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Posted November 14, 2018

Fuel Cards Help Prepare Your Fleet for Winter

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Emergencies Happen, and Fuel Cards Can Help Keep Your Fleet Safe

As California continues the recovery process from devastating fires, snow has fallen on the Sierra Nevada mountain range signaling the start of winter. And while many over-the-road truckers may not see snow covered roads this winter, the majority will, reminding us that we should still be mindful of the consequences and aware of how to handle conditions like heavy rain, high winds, flooding, snow and potential mudslides as a result of the fire damage. Driving in winter weather conditions means poor visibility, poor traction and increased stop time. It also means unpredictability in the actions of the drivers around you. Be prepared and anticipate what could happen. Make sure you know your route and where you can gain access to fleet fueling, and keep your fuel cards easily accessible. Most importantly, know what the conditions are ahead of time, make good decisions, and get off the roads when conditions are severe. Preparation is critical, and it starts with your vehicle. These tips bear repeating because they could save your life.

12 Most Important Winter Safety Tips

1. Slow down – Accidents are usually due to excessive speed. Driving at the speed limit may be legal but is often too fast for snow covered or icy road conditions. Take as much time as necessary. Do not hurry. Speed can kill.

2. Keep a safe following distance– Leave plenty of room between your vehicle and the vehicle in front and to the sides of your truck. Approximately ¼ mile when possible is ideal.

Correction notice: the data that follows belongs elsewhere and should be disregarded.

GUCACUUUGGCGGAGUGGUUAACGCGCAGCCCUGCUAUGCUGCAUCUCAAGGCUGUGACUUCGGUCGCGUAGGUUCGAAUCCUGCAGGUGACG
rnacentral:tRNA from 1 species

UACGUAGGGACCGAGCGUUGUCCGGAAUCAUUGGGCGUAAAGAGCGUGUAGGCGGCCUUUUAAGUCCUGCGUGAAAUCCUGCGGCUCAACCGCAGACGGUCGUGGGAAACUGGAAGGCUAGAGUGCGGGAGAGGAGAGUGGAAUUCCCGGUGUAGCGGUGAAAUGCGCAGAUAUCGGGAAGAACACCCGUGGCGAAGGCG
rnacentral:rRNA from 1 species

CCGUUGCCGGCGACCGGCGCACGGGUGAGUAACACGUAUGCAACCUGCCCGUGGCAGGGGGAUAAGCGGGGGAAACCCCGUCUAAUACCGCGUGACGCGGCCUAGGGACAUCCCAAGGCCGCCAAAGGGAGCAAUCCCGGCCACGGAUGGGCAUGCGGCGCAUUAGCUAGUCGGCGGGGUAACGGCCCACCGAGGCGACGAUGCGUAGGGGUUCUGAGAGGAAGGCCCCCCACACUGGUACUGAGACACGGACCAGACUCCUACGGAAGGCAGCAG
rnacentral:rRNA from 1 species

3. Don’t travel as part of a pack– Find a safe way to get away from the pack and travel alone, with the goal being to maximize the distance around your vehicle.

4. Don’t follow the tail lights of the vehicle ahead – In winter conditions like snow or heavy rain, if you see the tail lights in front of you, you are too close.

5. Use good, solid judgment— If weather is severe, get off the road. Find a place to exit safely and wait until conditions are safe.

6. Don’t stop on the shoulder of the road–– Blinding rain or snow might make your position appear to be the roadway and result in collision.

7. Communication is Key — When road conditions are dangerous, stay in communication with dispatch in order to manage delivery deadlines and expectations. Take your time.

8. Caution when using Foot Breaks — Avoid using your foot break unless the entire unit is completely straight. Even a slight turn can result in a spin—the truck slows down, and the trailer does not. This is especially true, when the trailer is empty.

9. Keep tractor trailer lights clean. Follow the motto, “Keep everything cleared and clean, so you can be seen.”

10. Ensure ‘all systems’ are a go — Be absolutely certain before you leave, that the defroster and heater are working properly. Wipers, wiper motor, lights, brake and tail lights, washer fluid is topped up, drain moisture from the air tanks, all brakes are set up, and windows and mirrors are completely clean before departure.